Secure Your Communication Channels

Use anonymizing software that routes encrypted online communication through a layered series of "proxies", or indirect connections, to (mostly) hide your identity. (Be aware that there are still ways people can identify you, but an anonymizer will make it much more difficult for them to do so.)

  • Software That Uses Proxy Servers to Route Communications: Tor Project

Cell phones, computers, and other devices are important to our lives, but they can also be used by others to track where we are. If you believe someone is harassing, stalking, or abusing you, it's important to make sure you take the steps needed to ensure your devices are not being monitored.

  1. Spyware can make it easy for perpetrators to stalk, track, monitor, and/or harass victims. Learn how to protect yourself from spyware:
  2. Develop your cell phone safety plan to protect against tracking:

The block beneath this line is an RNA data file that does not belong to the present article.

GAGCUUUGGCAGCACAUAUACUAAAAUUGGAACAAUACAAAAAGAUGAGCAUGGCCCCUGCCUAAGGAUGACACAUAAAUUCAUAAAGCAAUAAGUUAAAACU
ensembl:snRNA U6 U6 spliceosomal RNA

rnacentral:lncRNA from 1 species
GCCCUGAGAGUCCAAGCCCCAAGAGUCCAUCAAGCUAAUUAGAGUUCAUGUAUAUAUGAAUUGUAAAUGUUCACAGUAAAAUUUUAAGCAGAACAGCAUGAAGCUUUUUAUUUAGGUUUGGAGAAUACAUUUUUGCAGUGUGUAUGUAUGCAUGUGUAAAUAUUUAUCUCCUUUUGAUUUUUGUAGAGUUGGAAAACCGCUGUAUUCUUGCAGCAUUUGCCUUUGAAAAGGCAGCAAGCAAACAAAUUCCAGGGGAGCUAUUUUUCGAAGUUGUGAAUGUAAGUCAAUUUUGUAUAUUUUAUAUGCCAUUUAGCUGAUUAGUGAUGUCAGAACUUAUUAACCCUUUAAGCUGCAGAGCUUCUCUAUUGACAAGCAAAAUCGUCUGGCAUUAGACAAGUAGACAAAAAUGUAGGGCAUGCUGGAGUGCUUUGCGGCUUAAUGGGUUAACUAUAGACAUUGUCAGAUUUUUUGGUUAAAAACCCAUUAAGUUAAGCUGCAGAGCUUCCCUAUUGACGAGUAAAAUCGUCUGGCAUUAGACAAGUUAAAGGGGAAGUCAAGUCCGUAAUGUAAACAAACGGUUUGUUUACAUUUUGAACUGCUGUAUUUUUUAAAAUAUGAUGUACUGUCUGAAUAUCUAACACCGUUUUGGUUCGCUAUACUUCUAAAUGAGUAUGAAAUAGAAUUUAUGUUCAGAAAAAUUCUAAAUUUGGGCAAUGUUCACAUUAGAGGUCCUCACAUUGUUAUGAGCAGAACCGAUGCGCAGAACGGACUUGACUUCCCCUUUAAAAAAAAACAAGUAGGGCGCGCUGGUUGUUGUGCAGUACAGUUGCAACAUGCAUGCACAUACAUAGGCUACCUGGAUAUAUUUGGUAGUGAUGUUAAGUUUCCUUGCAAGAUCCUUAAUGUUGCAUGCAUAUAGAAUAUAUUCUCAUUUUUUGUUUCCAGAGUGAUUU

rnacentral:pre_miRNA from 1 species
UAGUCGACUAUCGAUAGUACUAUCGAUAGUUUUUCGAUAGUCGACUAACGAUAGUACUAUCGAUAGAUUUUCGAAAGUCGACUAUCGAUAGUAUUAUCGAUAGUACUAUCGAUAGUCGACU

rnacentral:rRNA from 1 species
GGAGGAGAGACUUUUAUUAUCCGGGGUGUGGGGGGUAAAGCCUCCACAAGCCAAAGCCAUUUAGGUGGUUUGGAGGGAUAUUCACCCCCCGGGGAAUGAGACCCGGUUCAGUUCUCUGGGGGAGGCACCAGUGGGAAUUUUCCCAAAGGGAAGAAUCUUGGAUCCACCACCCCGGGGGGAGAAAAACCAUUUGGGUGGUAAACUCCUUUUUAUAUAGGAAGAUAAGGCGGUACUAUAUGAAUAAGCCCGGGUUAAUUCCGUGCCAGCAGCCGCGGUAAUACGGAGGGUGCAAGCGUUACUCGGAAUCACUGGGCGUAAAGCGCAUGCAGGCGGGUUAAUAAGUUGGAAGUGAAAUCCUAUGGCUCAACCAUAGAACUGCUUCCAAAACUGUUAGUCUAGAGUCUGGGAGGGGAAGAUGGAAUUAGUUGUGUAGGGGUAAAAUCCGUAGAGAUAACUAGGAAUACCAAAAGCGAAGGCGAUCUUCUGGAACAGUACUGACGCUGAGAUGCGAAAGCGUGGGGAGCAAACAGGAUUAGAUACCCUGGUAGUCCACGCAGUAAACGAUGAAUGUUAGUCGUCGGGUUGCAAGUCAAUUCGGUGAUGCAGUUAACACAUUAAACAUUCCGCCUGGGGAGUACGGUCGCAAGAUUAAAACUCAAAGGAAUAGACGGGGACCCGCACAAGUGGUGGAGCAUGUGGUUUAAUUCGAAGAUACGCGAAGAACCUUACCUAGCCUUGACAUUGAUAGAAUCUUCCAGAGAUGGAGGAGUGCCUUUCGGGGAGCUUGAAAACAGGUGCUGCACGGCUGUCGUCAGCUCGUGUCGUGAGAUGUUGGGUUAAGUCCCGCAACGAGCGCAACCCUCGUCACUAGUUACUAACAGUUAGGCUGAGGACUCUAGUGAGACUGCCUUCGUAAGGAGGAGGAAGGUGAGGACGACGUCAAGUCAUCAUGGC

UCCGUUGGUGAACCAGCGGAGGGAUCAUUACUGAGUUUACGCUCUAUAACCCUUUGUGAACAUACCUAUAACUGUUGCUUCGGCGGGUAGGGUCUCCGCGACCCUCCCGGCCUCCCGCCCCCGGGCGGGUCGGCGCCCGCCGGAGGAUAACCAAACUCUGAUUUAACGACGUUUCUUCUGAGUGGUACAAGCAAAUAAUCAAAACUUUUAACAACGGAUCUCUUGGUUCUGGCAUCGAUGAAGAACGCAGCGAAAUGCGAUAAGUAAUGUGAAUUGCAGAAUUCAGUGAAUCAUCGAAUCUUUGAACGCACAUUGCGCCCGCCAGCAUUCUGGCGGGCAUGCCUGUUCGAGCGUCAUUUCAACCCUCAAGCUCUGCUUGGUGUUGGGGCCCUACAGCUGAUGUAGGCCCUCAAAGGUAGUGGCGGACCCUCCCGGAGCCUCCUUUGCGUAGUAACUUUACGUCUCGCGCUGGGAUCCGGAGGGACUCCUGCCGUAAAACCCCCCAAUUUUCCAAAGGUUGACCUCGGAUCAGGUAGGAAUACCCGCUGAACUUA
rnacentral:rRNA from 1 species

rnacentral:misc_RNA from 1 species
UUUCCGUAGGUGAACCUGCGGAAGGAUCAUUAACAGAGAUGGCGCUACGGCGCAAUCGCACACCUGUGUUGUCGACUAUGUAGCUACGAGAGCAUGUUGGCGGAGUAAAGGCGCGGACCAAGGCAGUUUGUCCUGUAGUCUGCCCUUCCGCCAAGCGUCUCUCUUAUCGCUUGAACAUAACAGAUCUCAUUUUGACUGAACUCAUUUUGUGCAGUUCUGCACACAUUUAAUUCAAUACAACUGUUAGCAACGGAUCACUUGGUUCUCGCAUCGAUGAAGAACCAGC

Privacy Tips for Businesses

If customers, clients, or donors contact you, don't pass the communication along or post it publicly without asking them. This applies to both positive and negative feedback, as well as other types of information.

  1. If someone gives you a great review, ask them before you post their name or photo or anything else identifiable about them.
  2. If you're quoting something someone posted on a public site, or you're responding to a review, don't add other information you know about the individual without asking them.

Be aware that when you buy online ads to drive traffic to your site, or when you sell ad space on your website for other companies' products, you are adding to the advertising company's profile of your customers or members. If your business or organization is of a sensitive nature, you might consider using an advertising service that does not track the behavior of individual users.

Be selective about the software and communication platforms you use in your business or organization. If it doesn't state clearly in the terms of service or user agreement that they will not share your data or your customers' or donors' data with any other entities, contact the company and ask. If you can't get a straight answer, choose a different platform.